In small groups, it’s easy to think that a text doesn’t “apply” to me. That I can tune out this round, and maybe next week Jesus will address my heart. After all, I work at a religious establishment, provide Bible studies for religious establishments, etc.
Yet the more I read through the Gospel of Matthew, the more I think Matthew intended to present a sharp contrast between the way of Jesus and the way of the religious. The way of people like me.• A religious person would have quickly succumbed to any one of the temptations Jesus faced (Matt. 4:1-11).
• A religious person would have taken great offense at much of the Sermon on the Mount (“You have heard it said …”).
• And while some religious people were drawn to Jesus because of His miracles (Matthew 8:19-20), they reviled Him as he began to forgive sin (Matt. 9:3).
• Given the presumption Jesus was a blasphemer, it was nothing to question His integrity and holiness based on the character and behavior of His disciples (Matt. 9:9-17).
• And when Jesus drove a demon out of a man, it was the religious people who accused Jesus of doing so as a ruler of demons (Matt. 9:32-34).
I believe it’s in this context that Matthew records the last few verses of chapter 9.
35 Then Jesus went to all the towns and villages, teaching in their synagogues, preaching the good news of the kingdom, and healing every disease and every sickness. 36 When He saw the crowds, He felt compassion for them, because they were weary and worn out,like sheep without a shepherd. 37 Then He said to His disciples, “The harvest is abundant, but the workers are few. 38 Therefore, pray to the Lord of the harvest to send out workers into His harvest.”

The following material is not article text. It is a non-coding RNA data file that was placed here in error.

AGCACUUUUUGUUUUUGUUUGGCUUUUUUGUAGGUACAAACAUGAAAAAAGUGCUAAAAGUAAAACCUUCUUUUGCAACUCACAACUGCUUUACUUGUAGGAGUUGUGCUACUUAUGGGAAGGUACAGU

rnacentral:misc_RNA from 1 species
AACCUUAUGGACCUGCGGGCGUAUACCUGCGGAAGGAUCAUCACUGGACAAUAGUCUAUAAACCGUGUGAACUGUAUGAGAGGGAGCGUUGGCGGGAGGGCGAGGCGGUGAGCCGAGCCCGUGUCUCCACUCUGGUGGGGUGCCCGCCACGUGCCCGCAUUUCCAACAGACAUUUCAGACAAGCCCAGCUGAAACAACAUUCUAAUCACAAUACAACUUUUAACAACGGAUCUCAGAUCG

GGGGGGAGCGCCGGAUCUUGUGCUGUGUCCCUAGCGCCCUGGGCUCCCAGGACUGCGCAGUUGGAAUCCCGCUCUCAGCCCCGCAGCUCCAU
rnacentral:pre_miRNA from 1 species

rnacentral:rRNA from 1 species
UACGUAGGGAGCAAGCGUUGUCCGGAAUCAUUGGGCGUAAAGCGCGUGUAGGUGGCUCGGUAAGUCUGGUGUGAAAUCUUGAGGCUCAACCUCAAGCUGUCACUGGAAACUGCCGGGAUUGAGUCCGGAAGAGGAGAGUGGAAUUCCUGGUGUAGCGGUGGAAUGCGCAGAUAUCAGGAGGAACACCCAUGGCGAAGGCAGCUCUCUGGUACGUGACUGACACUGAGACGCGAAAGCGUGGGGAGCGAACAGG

What is the opposite of a religious person?
• Religious people find their identity in their righteousness. Laborers find their identity in Jesus’ righteousness.
• Religious people look upon others with contempt. Laborers look upon others with compassion.
• Religious people are pessimistic about the righteousness of others. Laborers are optimistic about the grace of God for others.
• Religious people talk about others. Laborers pray for others.
So Matthew is begging the question. It’s a question we must constantly ask ourselves every time we gather together to discuss Jesus’ words. We must question our motives. We must examine our hearts.
Are you religious, or are you a laborer?
Rob Tims has been married to Holly for 17 years. They have four children: Trey, Jonathan, Abby, and Luke. He has served in the local church for 20 years as a children’s pastor, student pastor, and senior pastor. He currently serves on a team at LifeWay Christian Resources that develops customized Bible studies for groups and teaches two classes for Liberty University School of Divinity Online. He is the author of the book Southern Fried Faith: Confusing Christ and Culture in the Bible Belt.